In two days, my three boys, husband, and I will be flying out to the West Coast for a two and a half week summer road trip. I am anticipating how great it will be with all the laughter we expect to share, all the bonding moments, all the great memories.
And we will have them.
But, I can also guarantee that somewhere along the way, my kids will argue. Someone will throw a tantrum. It might be the 6 year old. It might be the teen. It might be me.
We often see posters of vacationing families laughing and dancing in the sun, and we base a lot of our travel decisions around the hope of the ideals placed before us. We too want to laugh and dance in the sun.
We all set expectations that if we buy tickets to take our family to the happiest place in the world (whatever that place is for you), that our children will suddenly become the happiest children in the world. And they certainly can be very happy, and travel can definitely affect them and change them in positive ways – as it has my own children.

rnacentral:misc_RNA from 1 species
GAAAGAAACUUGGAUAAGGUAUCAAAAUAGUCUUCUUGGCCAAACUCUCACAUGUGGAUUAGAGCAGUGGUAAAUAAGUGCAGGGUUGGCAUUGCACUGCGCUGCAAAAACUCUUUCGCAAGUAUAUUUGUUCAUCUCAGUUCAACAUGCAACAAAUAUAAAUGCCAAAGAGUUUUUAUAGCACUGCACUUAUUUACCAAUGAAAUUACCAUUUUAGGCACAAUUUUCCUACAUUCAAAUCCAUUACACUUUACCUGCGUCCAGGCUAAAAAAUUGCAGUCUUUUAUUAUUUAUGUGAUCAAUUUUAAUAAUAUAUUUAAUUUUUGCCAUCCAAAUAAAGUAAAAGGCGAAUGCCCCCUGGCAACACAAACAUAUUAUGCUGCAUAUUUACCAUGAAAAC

But it's not about everything being perfect. It's about making the most of the moments that are not. What bonds us most during our family travels are not the flawless moments that we have along the way, but rather how we stick together and support each other through the flaws.
I love traveling with my family. While planning what we will do, where we will go, and even how long we will be in the car, I can almost foresee the moments when my teen will say something snarky, when the two little ones will fight over a toy, when my husband and I will disagree about what direction to go (or even where stop for coffee).
Understanding the realities of my family dynamic, not setting false expectations for my children, my husband, or even myself, and making sure that we all aim to be as patient, as understanding, as compromising, and as easy going as possible: those are the things that help to make the family vacation great.
So, before you head out on your family vacation, make sure to let go of the myth that for it to be good and really worth it, it has to be perfect and that everyone has to be happy and get along just great.
There are countless families who have never traveled with their kids because they are waiting for "the perfect time." Except, it never is perfect…and that's the beauty of it. Take the necessary steps to prepare your children as best you can for travel, but be understanding and patient if they falter here and there because like everything else, it's a learning process. If you never do it, they will never learn.
Be willing to roll with the punches, take deep breaths, and ignore those with opinions that don't matter.
Family vacations are their best in the unexpected, imperfect moments. Just remember to not get so caught up in the negative that you fail to embrace what those moments can bring.